Monday, August 8, 2016

Vintage Eagle Cast Iron Industrial Gooseneck Desk Lamp Pull Chain Socket

Industrial style lighting is very popular for its simple lines and function over form design. In the early 1900's Eagle Lighting brought us some really great simple Gooseneck style desk lamps. They were so simple, many of them are still around and working well. We had a chance to look one over and here is what we did for repair.

As with any repair, we start with an inspection. Looking at the cord, socket, base, and body this lamp seems to be in really good shape. The lamp cord has an old style plug where both prongs are the same size. This means they are not polarized and we will need to replace the cord. The socket sounds and feels good, but we might find it needs work too. 

We start by unscrewing the shade from the socket. 

Next we open the socket. The socket shell is removed from the socket cap. The socket shell is slid off the socket interior. 

The socket insulator looks really good so we will reuse it. The socket interior is also in good shape. Next, we remove the old lamp cord from the socket interior. 

Now we need to pull the old lamp cord out and push the new lamp cord in. This operation can be tricky with bent arm lamps so we are going to use a guide wire. First we will attach the guide wire at the top of the lamp to the old cord. Then we will pull the guide wire to the base of the lamp and attach our new lamp cord. Finally we pull our guide wire up to the top of the lamp. Then the new cord is ready to be attached to the socket. 

The new lamp cord is stripped. 

We tie a UL knot in the cord and attach the socket interior. The smooth cord attaches to the brass screw and the ribbed cord attaches to the nickel screw. 

The socket insulator and shell is placed back on the socket. We make sure the pull chain is pointing down and snap the socket shell into the socket cap.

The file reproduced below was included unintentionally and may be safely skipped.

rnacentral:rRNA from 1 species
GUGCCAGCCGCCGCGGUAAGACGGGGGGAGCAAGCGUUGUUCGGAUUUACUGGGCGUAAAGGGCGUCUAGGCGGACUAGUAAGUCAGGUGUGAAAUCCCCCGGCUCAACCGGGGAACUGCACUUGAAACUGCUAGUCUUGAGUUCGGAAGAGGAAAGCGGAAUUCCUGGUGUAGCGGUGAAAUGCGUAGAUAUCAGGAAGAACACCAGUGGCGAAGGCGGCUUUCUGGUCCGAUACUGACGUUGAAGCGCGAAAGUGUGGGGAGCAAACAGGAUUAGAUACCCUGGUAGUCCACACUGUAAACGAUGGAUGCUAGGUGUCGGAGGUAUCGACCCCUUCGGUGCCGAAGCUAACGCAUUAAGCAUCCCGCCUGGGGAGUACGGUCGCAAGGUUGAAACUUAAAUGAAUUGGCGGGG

Next the shade goes back on the socket. 

Now we add a bulb and test the lamp. 

Very nice! Total Cost < $8.00 Total Time < 40 minutes.

Vintage Eagle Hi-Lite Industrial Gooseneck Lamp Bullet Shade Vintage No. 340

It is back to school season and we a celebrating with some unique desk lamp repairs. Today we have this nice gooseneck desk lamp made by Eagle. We don't have much information about this lamp except for what the label has to offer: Eagle Hi-lite Catalog number 340, pull tab, made in the USA.

It is a nice small lamp with an industrial flair, textured gray finish and gold accents. This lamp is working but the old lamp cord is not polarized. Since this lamp works it is hard to call it an official repair. We will replace the lamp cord and make sure other components are in good working order.

Here is the only lamp part we need to refresh this lamp: polarized ivory color lamp cord.

polarized ivory lamp cord
polarized ivory lamp cord

Upon inspection, we find this lamp is not our traditional socket and bulb lamp. To keep it small this lamp has a transformer in the base to change the house current 120 volt AC to 12 volt DC. The lamp also has a different style bulb. This lamp takes a #93 12 volt bulb with bayonet style post.

Luckily our bulb works. If we did not have a working bulb, the repair would be put on pause until we could get a working bulb.

To replace the cord on this lamp we need to unscrew the nut from the push button switch.

The base cover comes off the lamp.

Here we can take a look at the transformer and make sure there are no signs of problems: dried or cracked wires, heat spots or places that look burned. The transformer looks good so we are still on track for the lamp repair. The cord connects to the transformer with a simple wire nut.

We remove the wire nuts and snip the old cord just below the knot. The old wire has some clear sheaths for additional insulation. We will take them off the old wire and use them on our new lamp cord.

Using the old cord as a guide, we measure how long the wire needs to be and where the knot should be tied.

We attach the new cord to the wires of the transformer. The smooth wire on our lamp cord attaches to the black wire on the transformer. The ribbed wire connects to the white wire. Since our old wire nuts are not brittle or worn out, we reuse them.

With our lamp cord connected, we tuck them in the base of the lamp and close the lid.

With the nut screwed tightly on the switch, we test the lamp.

Perfect. Total cost < $8.00 Total time < 30 minutes.